Source: The Library Of Congress Country Studies
Three water reservoirs and their reserve catchment area, which preserves a fragment of the original tropical forest, occupy the center of the island. Hills have been leveled, swamps drained and filled, and many of the fifty-odd small islets and reefs have been enlarged or joined to form new larger islands suitable for industrial uses. Some of the larger streams are dammed at their mouths to form fresh-water reservoirs, and the major stream courses through built-up areas are lined with concrete to promote rapid drainage.
Rain falls throughout the year, but is heaviest during the early northeast monsoon from November through January. The average annual rainfall is 237 centimeters, and much of the rain falls in sudden showers. The greatest natural hazard is local flash flooding, the threat of which has increased greatly as buildings and paved roads have replaced natural vegetation.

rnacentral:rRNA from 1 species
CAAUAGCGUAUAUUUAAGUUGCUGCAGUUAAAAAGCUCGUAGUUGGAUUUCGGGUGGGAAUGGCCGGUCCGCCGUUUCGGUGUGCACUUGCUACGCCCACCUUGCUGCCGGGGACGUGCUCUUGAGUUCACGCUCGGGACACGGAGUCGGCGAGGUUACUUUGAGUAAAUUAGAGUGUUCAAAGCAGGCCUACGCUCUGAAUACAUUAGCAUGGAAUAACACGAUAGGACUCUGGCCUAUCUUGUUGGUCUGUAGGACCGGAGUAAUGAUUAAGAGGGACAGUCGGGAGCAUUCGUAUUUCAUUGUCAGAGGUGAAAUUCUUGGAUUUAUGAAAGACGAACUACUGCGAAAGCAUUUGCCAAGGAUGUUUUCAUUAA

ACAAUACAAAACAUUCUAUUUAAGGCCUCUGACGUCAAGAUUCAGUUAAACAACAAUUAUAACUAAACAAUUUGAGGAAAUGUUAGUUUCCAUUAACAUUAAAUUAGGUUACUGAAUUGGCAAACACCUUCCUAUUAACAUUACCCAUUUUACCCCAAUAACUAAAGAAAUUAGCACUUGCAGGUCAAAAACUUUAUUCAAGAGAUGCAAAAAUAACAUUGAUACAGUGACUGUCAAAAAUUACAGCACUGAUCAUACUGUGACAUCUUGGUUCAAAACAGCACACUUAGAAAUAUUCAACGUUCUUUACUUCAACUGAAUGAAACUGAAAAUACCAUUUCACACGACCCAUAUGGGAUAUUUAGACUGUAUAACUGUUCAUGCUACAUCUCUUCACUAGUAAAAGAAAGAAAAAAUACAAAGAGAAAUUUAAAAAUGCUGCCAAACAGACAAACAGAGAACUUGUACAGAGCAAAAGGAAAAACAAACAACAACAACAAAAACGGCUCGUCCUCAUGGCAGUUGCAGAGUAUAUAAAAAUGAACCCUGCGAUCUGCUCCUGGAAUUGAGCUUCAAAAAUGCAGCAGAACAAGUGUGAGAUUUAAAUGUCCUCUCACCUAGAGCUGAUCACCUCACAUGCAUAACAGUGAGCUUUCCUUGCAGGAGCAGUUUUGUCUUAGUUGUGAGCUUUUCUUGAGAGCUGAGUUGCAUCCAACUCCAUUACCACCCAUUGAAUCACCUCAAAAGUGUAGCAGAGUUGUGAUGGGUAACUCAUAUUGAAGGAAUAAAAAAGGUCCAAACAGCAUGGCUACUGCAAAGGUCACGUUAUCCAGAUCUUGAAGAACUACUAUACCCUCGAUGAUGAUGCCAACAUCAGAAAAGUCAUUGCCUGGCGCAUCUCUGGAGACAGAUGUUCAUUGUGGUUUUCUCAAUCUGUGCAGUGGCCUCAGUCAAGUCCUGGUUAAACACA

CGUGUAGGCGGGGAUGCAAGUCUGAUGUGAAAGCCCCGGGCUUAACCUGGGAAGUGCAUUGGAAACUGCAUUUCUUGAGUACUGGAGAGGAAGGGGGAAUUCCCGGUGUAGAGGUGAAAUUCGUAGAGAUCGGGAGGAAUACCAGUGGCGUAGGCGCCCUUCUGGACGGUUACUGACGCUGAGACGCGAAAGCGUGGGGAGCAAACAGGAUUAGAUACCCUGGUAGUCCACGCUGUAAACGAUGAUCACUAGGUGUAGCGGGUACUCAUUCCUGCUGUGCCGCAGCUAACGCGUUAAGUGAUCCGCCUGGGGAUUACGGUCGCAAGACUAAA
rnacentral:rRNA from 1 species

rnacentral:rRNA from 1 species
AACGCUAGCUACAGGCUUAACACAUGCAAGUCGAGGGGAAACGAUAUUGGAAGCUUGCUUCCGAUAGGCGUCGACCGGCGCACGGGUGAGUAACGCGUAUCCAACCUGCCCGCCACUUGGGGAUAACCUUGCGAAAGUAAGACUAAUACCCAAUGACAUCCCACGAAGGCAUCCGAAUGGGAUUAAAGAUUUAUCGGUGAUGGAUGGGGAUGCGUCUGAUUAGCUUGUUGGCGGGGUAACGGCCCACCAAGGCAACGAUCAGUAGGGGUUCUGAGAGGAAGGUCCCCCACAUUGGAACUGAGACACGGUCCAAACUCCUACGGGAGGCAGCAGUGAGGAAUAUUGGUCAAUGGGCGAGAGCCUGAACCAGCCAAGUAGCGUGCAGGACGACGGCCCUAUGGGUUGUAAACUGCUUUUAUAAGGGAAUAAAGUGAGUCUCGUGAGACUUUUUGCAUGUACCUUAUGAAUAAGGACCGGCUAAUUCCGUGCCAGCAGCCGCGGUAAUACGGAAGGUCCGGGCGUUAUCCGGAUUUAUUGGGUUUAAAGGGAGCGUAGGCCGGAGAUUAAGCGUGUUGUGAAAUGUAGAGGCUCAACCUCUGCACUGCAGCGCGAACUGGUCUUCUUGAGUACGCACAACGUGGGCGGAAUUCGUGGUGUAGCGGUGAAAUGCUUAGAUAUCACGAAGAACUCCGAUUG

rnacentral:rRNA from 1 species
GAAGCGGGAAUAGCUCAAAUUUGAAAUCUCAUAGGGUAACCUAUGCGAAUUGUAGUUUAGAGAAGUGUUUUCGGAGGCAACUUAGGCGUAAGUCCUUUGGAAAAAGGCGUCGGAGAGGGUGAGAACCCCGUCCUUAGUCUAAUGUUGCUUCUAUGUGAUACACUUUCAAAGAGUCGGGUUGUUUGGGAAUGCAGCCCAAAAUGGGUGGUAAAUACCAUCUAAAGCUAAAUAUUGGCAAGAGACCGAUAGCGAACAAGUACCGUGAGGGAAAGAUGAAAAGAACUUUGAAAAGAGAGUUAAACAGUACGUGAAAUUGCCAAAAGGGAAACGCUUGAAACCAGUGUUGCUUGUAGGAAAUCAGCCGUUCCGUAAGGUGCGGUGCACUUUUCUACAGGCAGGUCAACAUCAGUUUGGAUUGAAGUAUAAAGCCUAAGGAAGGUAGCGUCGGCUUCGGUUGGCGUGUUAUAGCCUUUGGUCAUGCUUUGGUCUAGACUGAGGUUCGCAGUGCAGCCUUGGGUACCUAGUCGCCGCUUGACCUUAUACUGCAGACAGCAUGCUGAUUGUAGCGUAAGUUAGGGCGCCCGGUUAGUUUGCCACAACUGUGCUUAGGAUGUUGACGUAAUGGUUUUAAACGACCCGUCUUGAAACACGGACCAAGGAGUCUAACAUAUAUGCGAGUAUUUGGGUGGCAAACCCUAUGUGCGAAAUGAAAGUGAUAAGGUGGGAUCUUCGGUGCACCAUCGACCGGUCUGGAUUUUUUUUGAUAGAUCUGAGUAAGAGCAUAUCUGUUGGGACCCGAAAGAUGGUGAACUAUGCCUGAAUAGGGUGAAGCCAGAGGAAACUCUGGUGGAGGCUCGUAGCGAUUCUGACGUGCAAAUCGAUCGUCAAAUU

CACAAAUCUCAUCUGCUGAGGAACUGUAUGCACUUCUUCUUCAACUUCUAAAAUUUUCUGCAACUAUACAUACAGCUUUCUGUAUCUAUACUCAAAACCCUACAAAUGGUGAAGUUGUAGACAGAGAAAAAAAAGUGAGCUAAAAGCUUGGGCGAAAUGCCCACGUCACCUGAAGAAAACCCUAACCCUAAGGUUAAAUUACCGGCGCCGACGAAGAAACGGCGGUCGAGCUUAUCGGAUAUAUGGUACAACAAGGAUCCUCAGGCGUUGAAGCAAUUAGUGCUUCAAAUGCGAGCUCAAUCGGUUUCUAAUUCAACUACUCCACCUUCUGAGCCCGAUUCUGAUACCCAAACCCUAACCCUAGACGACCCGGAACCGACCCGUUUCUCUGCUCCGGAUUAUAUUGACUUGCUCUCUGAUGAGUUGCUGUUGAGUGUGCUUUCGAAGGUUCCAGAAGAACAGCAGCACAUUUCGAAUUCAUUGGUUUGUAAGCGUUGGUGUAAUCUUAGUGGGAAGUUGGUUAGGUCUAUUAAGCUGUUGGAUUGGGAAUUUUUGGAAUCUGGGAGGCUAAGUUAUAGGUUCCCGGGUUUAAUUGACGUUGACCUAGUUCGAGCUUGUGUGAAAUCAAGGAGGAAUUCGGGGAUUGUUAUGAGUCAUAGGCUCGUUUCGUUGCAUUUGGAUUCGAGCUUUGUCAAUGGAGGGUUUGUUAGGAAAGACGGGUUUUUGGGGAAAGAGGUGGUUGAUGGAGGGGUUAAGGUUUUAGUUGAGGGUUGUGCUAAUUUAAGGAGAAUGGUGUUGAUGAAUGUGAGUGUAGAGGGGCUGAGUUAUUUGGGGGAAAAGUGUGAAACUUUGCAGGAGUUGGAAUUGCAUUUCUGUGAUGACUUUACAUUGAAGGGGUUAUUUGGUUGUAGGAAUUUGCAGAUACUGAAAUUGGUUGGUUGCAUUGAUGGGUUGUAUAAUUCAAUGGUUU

In spite of the high rainfall, it is necessary to import water from Malaysia. The water, from reservoirs in upland Johor, comes through an aqueduct under the causeway linking Singapore with the Malaysian city of Johor Baharu. Singapore has responded to this dependence on a foreign country for water by expanding its reservoir capacity and constantly urging household and industrial users to conserve water.
Between 1977 and 1987, the Ministry of the Environment carried out a major program to clean up rivers and streams by extending the sewer system, controlling discharges from small industries and workshops, and moving pig and duck farms to resettlement areas with facilities to handle animal wastes. The success of the program was demonstrated by the return of fish and aquatic life to the lower Singapore and Kallang rivers.